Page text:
Crimes recorded by police in Wales fell by 9% in the 12 months to June this year.
Overall crimes dropped to 215,076 crimes over the year, according to the latest Home Office figures.
There were big falls in robbery, car crime and criminal damage but a slight rise of 1% in sexual offences.
The Welsh force with the biggest fall in recorded crime was South Wales Police, which dropped 13.3% to the same level as 25 years ago.
It was followed by Dyfed-Powys (down 9%), North Wales (down 6%), while Gwent's figures remained static (0%).
South Wales Police said their figures had not been as low since 1985 and equated to 42 less victims of crime per day.
This places the force as the ninth most improved in Wales and England for reducing crime and the most improved force for reducing sexual offences.
The figures show that there were 15,409 fewer victims of crime overall and detection rates for crime were up to 30.9%.
Deputy Chief Constable Colette Paul said:"Our staff should take great pride in knowing that they have helped to bring crime in south Wales down to its lowest level since 1985.
"The figures out today evidence the determined attitudes of our staff to make a difference to life in south Wales, and although we're facing challenging times, we will strive to maintain these excellent performance levels so our communities continue to get a policing service they can rely on."
Two forces (Dyfed- Powys and Gwent) saw a 15% rise in sexual offences over the period.
Senior officers believe the increase in sexual offences is mainly because victims have more confidence to report what has happened to them and police are more consistent in the way they record the crimes.
Gwent Police's temporary Assistant Chief Constable Simon Prince said: "Sexual offences is an area of crime which is historically under-reported across the UK.
"Our forcewide publicity campaigns coupled with the establishment of the Onyx Unit, a dedicated team which investigates sexual crime and offers specialist support to victims, have encouraged more people to have the confidence to come forward to report sexual offences to the police."
He added that the overall figures for Gwent showed crime was falling - from more than 60,000 crimes per year in 2005, to below 50,000 crimes this year.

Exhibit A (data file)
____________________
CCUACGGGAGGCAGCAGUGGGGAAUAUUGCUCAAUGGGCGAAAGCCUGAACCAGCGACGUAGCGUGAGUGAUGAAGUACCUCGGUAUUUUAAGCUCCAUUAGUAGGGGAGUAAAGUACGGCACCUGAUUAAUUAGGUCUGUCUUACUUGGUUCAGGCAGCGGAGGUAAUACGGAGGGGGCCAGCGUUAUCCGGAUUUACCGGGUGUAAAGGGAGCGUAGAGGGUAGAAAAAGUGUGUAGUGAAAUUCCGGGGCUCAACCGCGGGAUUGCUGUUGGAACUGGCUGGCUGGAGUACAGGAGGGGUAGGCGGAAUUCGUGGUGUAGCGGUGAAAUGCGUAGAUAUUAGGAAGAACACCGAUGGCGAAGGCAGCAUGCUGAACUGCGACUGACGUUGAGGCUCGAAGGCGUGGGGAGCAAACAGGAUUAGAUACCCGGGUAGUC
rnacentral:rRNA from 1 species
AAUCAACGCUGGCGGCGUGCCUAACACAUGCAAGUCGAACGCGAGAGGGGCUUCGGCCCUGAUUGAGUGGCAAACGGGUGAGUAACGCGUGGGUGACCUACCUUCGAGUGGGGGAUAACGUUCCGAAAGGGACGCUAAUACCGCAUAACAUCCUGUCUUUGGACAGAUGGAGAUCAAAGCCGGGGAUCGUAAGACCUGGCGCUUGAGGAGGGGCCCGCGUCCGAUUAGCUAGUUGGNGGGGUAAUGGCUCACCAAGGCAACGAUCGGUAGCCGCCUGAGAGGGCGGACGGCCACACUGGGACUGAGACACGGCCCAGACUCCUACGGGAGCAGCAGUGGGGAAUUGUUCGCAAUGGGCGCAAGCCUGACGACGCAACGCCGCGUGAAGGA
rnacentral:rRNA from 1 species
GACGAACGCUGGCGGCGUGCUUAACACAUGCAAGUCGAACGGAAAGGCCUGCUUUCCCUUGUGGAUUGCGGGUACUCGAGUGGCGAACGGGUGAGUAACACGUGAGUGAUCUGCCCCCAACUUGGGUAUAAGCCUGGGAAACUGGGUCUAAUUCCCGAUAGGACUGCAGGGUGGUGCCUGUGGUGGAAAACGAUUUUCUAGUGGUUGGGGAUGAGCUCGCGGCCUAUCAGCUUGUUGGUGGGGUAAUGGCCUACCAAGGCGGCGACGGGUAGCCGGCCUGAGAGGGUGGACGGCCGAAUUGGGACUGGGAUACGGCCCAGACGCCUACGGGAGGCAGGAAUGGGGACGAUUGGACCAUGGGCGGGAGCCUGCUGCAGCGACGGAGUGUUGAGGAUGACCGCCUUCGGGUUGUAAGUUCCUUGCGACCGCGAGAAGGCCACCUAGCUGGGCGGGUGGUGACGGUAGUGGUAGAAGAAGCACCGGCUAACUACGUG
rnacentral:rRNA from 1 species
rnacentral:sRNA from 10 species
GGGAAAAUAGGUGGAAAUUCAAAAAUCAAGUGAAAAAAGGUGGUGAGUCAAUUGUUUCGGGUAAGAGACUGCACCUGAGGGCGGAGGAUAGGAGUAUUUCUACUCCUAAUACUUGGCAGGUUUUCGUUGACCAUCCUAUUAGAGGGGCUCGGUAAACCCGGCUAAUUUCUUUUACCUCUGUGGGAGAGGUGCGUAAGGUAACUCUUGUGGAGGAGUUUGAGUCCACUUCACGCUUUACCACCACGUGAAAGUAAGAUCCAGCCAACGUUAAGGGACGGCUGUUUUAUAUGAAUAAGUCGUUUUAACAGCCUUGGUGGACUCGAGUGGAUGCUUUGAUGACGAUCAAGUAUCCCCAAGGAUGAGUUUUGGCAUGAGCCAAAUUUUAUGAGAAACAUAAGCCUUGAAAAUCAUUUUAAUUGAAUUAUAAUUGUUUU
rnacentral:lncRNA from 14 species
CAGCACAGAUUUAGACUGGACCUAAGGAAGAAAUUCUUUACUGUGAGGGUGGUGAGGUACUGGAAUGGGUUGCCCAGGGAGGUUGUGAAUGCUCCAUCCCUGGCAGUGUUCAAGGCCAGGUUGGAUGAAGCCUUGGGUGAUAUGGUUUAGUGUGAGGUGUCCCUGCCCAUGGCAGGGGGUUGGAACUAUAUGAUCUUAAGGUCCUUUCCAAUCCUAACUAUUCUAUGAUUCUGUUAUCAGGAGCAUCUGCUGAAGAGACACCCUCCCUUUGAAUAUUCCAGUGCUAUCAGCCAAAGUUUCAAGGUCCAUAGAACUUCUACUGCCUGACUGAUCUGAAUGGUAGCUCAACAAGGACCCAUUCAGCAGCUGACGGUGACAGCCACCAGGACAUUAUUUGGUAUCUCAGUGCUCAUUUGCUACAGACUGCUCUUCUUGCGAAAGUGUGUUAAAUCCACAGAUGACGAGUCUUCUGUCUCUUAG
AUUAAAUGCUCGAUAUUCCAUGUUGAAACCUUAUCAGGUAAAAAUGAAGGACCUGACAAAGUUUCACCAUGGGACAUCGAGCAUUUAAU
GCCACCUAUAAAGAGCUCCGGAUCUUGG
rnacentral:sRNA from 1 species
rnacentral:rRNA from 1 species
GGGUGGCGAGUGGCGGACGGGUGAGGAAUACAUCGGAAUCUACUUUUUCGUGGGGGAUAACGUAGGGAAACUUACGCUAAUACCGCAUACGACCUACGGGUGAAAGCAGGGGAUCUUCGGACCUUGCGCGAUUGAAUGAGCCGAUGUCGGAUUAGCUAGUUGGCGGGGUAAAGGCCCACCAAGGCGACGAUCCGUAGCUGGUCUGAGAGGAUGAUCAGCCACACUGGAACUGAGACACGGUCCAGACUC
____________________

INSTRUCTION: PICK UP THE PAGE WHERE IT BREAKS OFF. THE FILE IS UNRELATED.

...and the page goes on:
Burglary in Gwent was also up 21%, and ACC Prince said the force had conducted a number of targeted operations and the trend was in the process of being reversed.
He added: "This is an area that we will continue to focus on both with enforcement activity but also working with our partners to reduce offending behaviour."
Dyfed-Powys Police recorded the lowest anti-social behaviour levels in the whole of England and Wales, according to the British Crime Survey, which runs parallel to the official Home Office statistics.
Deputy Chief Constable Jackie Roberts said: "What is also important to remember is that these reductions come in an area with the lowest crime rates in the country and at a time when everybody was starting to feel the true impact of the economic downturn.
"Our force has consistently delivered a high quality policing service to the public across the Dyfed Powys area and the excellent performance outlined above is testament to that.
"We are now looking at the details behind the chancellor's announcement yesterday to see what they mean for the force in cash terms."
North Wales Police Deputy Chief Constable, Ian Shannon said: "We are very pleased that crime has fallen over the last 12 months by 6% and are more encouraged as the reduction has accelerated since March (a 10.4% fall from April - September 2010 compared with 2009) with a particularly sharp fall in violent crime."